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WHEN summing up his prospects for Saturday night’s super card at Globe Derby astute trainer Greg Scholefield believes he has gone from solid to sludge as a result of the draws. Using a slightly more common word for sewage to describe the various barriers his runners received, Scholefield has no doubt his team faces an uphill battle. Even taking that frame of mind into account, however, Scholefield remains optimistic his three runners can make their presence felt. “I got all ordinary draws,” Scholefield declared. “There was no fairy sitting on my shoulder when the marbles fell. “I have three horses going around on the night and they’ve all got to overcome bad barriers. “But what can you do? We’ll have to battle on and come up with a contingency plan now. “I would have preferred to draw a lot better, but it’s not the end of the world.” Handy pacer Kingofthestars will kick-start Scholefield’s evening in the second event. Runner-up during his last two starts – both in Victoria – Kingofthestars will need his share of luck from the back line. “King went really well at Horsham last time around and I expect a big run from him,” Scholefield said. “From the draw though he will need a few things to go his way. “If he can get a descent run at them he will be thereabouts.” Classy youngster Labella Rock will then search for a rare victory in the South Australia Derby. As the only filly in the Blue Riband, Labella Rock is aiming to become the seventh member of the ‘fairer sex’ to capture the classic since its inception in 1938. Carol Dillon was the ground breaker in 1954, with Medorina matching the feat the next year, followed by Pearl Queen (’57), Fiery Miss (’62), No Frolicking (’96) and CC Chevron in 2015. Making life extremely difficult for the daughter of Pet Rock is an outside of the second row draw. “Her draw is shocking,” Scholefield said. “It puts her in a lot of bother. “I am pleased with the way she is going and have no doubt she can surprise a few of them, but it’ll be hard to see her winning from there.” Scholefield’s stable star Emain Macha will then tackle the main event – the prestigious South Australia Cup. Clearly the best chance of breaking the interstate stranglehold on the time honoured feature, Emain Macha will come from gate six. Ryans Day was the last local to have his name etched on the honour roll after scoring an upset in 1999. Emain Macha heads into the feature as the winner of his last four starts, including the Wedderburn Cup a fortnight ago. “I’m confident enough with my bloke,” Scholefield said. “He has pretty much had a perfect preparation and is feeling terrific. “He is healthy, happy and ready to go…now we just need the right run from a tricky draw.”   Harness Racing South Australia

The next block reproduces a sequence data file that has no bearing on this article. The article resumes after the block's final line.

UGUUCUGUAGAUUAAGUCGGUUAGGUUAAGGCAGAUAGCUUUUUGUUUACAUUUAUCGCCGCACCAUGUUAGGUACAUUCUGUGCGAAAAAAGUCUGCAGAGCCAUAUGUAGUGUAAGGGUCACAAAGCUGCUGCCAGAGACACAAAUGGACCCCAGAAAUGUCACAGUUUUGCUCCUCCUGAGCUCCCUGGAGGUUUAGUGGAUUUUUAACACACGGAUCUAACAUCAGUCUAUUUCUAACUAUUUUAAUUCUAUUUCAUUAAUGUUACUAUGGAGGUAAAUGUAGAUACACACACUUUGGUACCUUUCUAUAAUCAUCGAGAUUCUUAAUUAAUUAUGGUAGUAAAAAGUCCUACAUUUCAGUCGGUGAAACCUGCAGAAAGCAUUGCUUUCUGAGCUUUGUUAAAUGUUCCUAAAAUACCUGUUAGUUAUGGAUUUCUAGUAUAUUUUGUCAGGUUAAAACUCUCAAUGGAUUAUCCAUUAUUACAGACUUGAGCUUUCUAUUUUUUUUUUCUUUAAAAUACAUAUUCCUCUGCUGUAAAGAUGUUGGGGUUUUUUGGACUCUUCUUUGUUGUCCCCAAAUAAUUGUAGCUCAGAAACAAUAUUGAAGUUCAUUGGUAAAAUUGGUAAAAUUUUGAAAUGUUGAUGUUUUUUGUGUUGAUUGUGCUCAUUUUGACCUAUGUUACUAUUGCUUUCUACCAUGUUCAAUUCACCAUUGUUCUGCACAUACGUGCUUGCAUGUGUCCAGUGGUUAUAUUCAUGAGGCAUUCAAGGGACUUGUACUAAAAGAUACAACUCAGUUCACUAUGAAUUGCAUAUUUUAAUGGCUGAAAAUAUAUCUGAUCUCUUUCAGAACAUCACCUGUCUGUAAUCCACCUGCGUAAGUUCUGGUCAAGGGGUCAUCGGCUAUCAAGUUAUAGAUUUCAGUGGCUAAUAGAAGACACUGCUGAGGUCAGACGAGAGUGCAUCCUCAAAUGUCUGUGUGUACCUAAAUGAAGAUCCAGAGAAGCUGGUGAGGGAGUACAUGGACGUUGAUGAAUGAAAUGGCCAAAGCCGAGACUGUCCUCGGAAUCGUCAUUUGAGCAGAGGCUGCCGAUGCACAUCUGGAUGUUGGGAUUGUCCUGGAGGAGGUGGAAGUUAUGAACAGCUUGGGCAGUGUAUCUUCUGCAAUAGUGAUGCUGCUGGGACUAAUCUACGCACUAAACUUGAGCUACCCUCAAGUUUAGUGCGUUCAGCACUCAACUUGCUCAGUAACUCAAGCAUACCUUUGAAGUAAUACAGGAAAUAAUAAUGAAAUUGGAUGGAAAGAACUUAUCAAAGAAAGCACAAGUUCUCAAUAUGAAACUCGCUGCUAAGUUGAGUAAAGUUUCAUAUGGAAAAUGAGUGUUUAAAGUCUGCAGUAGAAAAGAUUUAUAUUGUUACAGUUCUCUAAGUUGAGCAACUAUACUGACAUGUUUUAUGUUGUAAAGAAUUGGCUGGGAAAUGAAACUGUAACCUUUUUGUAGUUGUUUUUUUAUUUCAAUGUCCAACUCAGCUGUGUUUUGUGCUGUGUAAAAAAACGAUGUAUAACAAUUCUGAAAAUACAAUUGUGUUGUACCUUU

Australian Pacing Gold graduate Yankee Roller may be given the opportunity to take on the best of his age next week. Having maintained his perfect record by capturing the $30,000 South Australian Derby at Globe Derby last night, the son of Rock N Roll Heaven is in line to contest heats of Victoria’s Blue Riband. Qualifies of the classic are scheduled to be held as part of the Ballarat Cup program next Saturday. Pleased with the three-year-old’s latest triumph, trainer Emma Stewart will decide Yankee Roller’s immediate future upon his return to her Victorian stable. “He’s a very nice type, which is still on the improve,” Stewart said. “He’s only had five starts, so is still learning what it’s all about. “I’ve got a reasonable opinion of him and expect him to improve with racing, but haven’t really decided whether he will be thrown into the deep end against the more seasoned three-year-olds. “The ability is certainly there, but I will make a decision after he gets home and see how he has handled the trip.” Driven by Gavin Lang during his latest win, Yankee Roller overcame his second row draw to account for The Brooklyn Brawler, which as gallant after facing the breeze, and No Alabi to complete a trifecta for the raiders. Covering the last half in 59 seconds, the gelding rated 2:00 over 2230 metres. With the win Yankee Roller remains unbeaten with five starts for five wins to date with $58,082 in the bank. Yankee Roller APG Media